It is the most morally conservative portion of society that is most successful in raising children who believe in loyalty and oath-keeping and self-control and self-sacrifice.

And we're tired of being subject to barbarian rules and laws that fight against our civilized values. We're not interested in risking our children's lives to defend a nation that does not defend us.

Who do you think is volunteering for the military to defend America against our enemies? Those who believe in the teachings of politically correct college professors? Or those who believe in the traditional values that the politically correct elite has been so successful in destroying?

This is a great question. Let's see:

  • President George W. Bush: Served in the Texas Air National Guard.
  • Vice-President Richard Cheney: No military service.
  • Speaker of the House Dennis Hastert: No military service.
  • House Majority Leader Tom DeLay: No military service.
  • Senate Majority Leader Bill Frist: No military service.
What about those "politically correct elite"?
  • Former Vice-President and 2000 Democratic Presidential nominee Al Gore: Volunteered and served in Vietnam.
  • Senator and probable 2004 Democratic Presidential nominee John Kerry: Volunteered and served in Vietnam. Received the Silver Star and Bronze Star for bravery. Received three Purple Hearts for wounds suffered in combat.
Okay, I'll bite: who do I "think is volunteering for the military to defend America against our enemies?" I'd say it's the "politically correct elite."

By the way, since by Card's standards, I'm "politically correct" (though not "elite"), I suppose I should point out that I served in the US Army from 1980-84. I was fortunate enough not to see combat. As for Card, since by his own standards, he is one of those who "believe in traditional values," as far as I can tell, he never served in the military.

My friend Juan is right. Card's views are "medieval." But that would be okay if they were logically consistent and intellectually honest. They're neither.

[Disclaimer: I, too, once met Card, in 1997, when I was a principal at a game development firm and I went to meet him to discuss the possibility of collaborating on a game based on one of his books.]

Questions? Answers.

Yes, I do cover subjects other than the failures of President Bush and my belief in the right of same-sex couples to wed. It's just that these have been on my mind of late.

No, I'm not a registered Democrat. I'm registered as an Independent. I think of myself as a middle-of-the-road pragmatist, pushed leftward over the last couple of years by the right wing agenda of the current US administration.

No, I'm not entirely happy with the Democratic contenders for the presidency. But I will happily vote for either Kerry or Edwards rather than suffer through another four years of President Bush.

Yes, I'm going to write again about same-sex marriage. Soon, in fact.

February 26, 2004

Well Done

The Economist's cover story this week is on same-sex marriage.


The accompanying editorial, excerpted here, does a wonderful job of laying out the slipshod thinking and fundamental unfairness of those opposed to same-sex marriages:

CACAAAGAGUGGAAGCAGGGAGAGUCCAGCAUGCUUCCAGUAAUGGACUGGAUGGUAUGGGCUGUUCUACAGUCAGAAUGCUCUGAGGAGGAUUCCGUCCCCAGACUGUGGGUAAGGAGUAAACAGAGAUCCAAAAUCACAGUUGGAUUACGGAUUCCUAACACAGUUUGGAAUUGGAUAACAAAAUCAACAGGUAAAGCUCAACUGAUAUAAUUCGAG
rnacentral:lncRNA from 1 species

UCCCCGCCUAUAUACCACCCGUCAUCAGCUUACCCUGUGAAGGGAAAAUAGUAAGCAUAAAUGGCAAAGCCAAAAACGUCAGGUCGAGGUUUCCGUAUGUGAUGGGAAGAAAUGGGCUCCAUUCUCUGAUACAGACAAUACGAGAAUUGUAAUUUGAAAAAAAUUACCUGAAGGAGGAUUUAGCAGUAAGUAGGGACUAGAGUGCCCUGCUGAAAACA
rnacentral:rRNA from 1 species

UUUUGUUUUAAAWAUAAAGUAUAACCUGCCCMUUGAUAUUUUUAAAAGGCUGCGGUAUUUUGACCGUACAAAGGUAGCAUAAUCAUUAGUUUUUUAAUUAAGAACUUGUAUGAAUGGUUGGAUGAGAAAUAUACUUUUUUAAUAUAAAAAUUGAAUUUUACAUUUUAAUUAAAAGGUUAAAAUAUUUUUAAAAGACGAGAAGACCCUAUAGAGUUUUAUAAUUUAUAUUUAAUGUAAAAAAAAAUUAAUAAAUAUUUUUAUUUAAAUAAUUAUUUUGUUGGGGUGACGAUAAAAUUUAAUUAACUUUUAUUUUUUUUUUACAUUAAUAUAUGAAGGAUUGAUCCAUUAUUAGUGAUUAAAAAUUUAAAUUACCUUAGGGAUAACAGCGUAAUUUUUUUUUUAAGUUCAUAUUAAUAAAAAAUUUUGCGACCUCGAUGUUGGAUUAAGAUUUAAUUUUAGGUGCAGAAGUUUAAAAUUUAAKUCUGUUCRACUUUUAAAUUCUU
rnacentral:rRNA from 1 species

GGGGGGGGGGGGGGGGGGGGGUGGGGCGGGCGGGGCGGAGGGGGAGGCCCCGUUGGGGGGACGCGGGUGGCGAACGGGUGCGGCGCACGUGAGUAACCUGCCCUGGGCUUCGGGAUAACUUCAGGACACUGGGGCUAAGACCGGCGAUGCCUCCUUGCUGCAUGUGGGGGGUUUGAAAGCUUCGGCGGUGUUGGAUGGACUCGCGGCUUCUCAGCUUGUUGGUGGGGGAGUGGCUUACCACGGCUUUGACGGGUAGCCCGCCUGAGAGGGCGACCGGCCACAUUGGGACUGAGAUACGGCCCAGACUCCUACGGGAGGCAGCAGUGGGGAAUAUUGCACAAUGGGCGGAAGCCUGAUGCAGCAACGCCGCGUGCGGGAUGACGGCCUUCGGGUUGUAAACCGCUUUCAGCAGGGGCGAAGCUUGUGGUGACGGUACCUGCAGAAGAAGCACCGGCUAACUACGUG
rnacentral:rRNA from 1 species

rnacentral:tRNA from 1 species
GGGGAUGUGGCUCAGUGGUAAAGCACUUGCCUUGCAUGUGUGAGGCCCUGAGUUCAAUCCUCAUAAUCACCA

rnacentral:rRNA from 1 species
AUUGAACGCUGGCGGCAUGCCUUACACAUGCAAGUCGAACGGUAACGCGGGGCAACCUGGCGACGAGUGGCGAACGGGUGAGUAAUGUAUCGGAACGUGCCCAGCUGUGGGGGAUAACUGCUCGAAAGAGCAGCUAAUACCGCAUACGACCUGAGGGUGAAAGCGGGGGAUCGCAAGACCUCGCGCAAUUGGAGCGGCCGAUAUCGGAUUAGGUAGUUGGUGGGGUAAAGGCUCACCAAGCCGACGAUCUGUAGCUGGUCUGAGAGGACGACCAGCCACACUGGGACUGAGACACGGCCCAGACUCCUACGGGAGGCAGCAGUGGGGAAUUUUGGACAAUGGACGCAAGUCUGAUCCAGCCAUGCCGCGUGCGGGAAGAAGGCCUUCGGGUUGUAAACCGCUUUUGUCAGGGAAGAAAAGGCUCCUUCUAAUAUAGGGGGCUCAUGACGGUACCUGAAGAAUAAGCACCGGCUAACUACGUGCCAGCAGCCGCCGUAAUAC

The case for allowing gays to marry begins with equality, pure and simple. Why should one set of loving, consenting adults be denied a right that other such adults have and which, if exercised, will do no damage to anyone else? Not just because they have always lacked that right in the past, for sure: until the late 1960s, in some American states it was illegal for black adults to marry white ones, but precious few would defend that ban now on grounds that it was "traditional". Another argument is rooted in semantics: marriage is the union of a man and a woman, and so cannot be extended to same-sex couples. They may live together and love one another, but cannot, on this argument, be "married". But that is to dodge the real question -- why not? -- and to obscure the real nature of marriage, which is a binding commitment, at once legal, social and personal, between two people to take on special obligations to one another. If homosexuals want to make such marital commitments to one another, and to society, then why should they be prevented from doing so while other adults, equivalent in all other ways, are allowed to do so?

The reason, according to Mr Bush, is that this would damage an important social institution. Yet the reverse is surely true. Gays want to marry precisely because they see marriage as important: they want the symbolism that marriage brings, the extra sense of obligation and commitment, as well as the social recognition. Allowing gays to marry would, if anything, add to social stability, for it would increase the number of couples that take on real, rather than simply passing, commitments. The weakening of marriage has been heterosexuals' doing, not gays', for it is their infidelity, divorce rates and single-parent families that have wrought social damage.

But marriage is about children, say some: to which the answer is, it often is, but not always, and permitting gay marriage would not alter that. Or it is a religious act, say others: to which the answer is, yes, you may believe that, but if so it is no business of the state to impose a religious choice. Indeed, in America the constitution expressly bans the involvement of the state in religious matters, so it would be especially outrageous if the constitution were now to be used for religious ends.

February 25, 2004

"Our Long National Nightmare"

How unbelievably prescient is this article from The Onion, dated 18 January 2001?

Bush: 'Our Long National Nightmare Of Peace And Prosperity Is Finally Over'